After such emphasis on physical movement and walking, the first thought on hearing the next two words, "out, out" is likely to involve a command that someone leave an area, but when the sentence is done, it has changed meaning to blowing out a candle. This is the candle that has lit the "way to dusty death", so with blowing it out, we would expect to see darkness, and in the next line, "life's but a walking shadow". The modern meaning of "shadow" would probably be initially the most probable, but when the line moves on to "a poor player", it takes on the wider meaning as well.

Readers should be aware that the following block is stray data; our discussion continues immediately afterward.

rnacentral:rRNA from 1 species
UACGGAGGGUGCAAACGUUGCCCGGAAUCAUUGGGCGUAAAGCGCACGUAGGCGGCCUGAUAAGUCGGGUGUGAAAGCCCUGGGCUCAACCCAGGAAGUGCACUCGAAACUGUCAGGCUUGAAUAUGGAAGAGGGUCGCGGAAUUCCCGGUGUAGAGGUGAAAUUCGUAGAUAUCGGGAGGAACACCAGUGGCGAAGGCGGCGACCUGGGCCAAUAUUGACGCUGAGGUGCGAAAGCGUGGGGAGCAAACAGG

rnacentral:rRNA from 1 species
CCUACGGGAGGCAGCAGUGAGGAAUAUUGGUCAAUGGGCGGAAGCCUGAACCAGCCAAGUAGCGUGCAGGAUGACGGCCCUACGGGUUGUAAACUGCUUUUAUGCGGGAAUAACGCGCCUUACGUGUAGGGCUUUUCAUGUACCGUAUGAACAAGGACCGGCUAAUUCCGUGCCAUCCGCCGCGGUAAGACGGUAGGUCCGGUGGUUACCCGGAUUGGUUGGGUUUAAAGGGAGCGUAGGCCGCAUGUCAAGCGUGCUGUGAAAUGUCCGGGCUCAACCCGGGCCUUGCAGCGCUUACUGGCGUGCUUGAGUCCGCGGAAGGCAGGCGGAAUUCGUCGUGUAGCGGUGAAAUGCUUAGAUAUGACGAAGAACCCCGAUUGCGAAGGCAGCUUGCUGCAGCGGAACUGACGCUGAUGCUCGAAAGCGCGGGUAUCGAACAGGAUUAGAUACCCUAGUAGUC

The phrase "struts and frets" for what life, the player, is doing with his hour on the stage, creates and image, at least for the modern listener, of someone being overly dramatic, unable to accurately portray an emotion and so forced to resort to over-acting to convey what he is supposed to be feeling. This suggests both the "sound and fury" of the "tale told by an idiot" in the next line, and the fool who is being shown his way to death. The player, who "struts and frets", would appear to be performing physical actions, but not necessarily speaking. Thus, it is somewhat odd to say that after the hour is up, he "is heard no more", but immediately after this, another image of life, as a "tale told by an idiot", is presented, which does involve speech. Indeed, we are explicitly told that it is "full of sound and fury". The final line of the speech, "signifying nothing" is the direct suggestion of life being meaningless, but it does not surprise. It has been set up by the "petty" of line 20, and by the general idea of life as a play beginning on line 24.